Parents in west Fife are to have their say, again, on new secondary school catchment zones which, it is hoped, will solve a capacity crisis.
Education bosses have rejigged proposals for a second time, mapping out where primary school children will go to high school in Dunfermline and west Fife.
With 8,000 new houses built in the area since 2000 and 10,000 yet to come, Woodmill High School will be full by August, with the situation predicted to worsen year-on-year unless action is taken.
While they continue to press the Scottish Government for money for a new secondary school, education bosses want to revise catchment areas for Woodmill, Dunfermline, Inverkeithing and Queen Anne high schools.
Councillors previously rejected a suggestion which would have seen pupils from Masterton Primary School in Dunfermline sent to Inverkeithing High School.
Although the new scheme puts a previously-opposed bid to send children from Kings Road Primary School in Rosyth to Inverkeithing back on the table, councillors unanimously agreed to put it to the public during consultation in April and May.
As the consultation paper was endorsed by the council’s education and children’s services committee, Dunfermline South Liberal Democrat councillor James Calder said: “I am very pleased with the proposal. It’s going to ensure, for example, that pupils in Dunfermline will be able to walk to school.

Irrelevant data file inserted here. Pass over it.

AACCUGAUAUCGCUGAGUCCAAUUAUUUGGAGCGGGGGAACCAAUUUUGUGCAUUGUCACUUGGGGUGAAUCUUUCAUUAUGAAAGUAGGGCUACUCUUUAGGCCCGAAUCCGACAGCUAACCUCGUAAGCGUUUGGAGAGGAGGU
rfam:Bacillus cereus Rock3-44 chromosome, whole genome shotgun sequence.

“I’m also pleased that schools such as a Pitreavie and Canmore will go to the same high school.”
Conservative councillor and former teacher Kathleen Leslie said: “The proposals put forward make a great deal more sense.
“Pupils from Masterton will go to school in Dunfermline. They will also address anomalies that have been going on for decades.”
However, she asked: “Why didn’t this rezoning begin at a much earlier date?”
She said the response had been rushed and was detrimental to the health and wellbeing of pupils affected told they could not attend Woodmill High School.
Education head Shelagh McLean said: “We are still in a position where existing schools can accommodate children to come through between now and 2022.
“There’s always a point in time where we have to propose changes to the school estate. It’s very difficult to consult on change until you have an issue that needs to be addressed.
“We started to discuss this with elected members in 2016 and we have been talking about the issues at Woodmill High School for that period of time.”
Consultation took place with parents, carers and others at sessions between November 2016 and January 2017 and August and September last year.
Ms McLean said: “The content of the proposal paper presented today responds directly to the information provided during the engagement sessions held.
“The main concerns were rights of siblings, school communities attending the same secondary establishments, realignment of non-continuous boundaries and transport arrangements.”
Public meetings will be held in Dunfermline High School on April 19, Woodmill on April 23, Queen Anne on April 24 and Inverkeithing on May 23.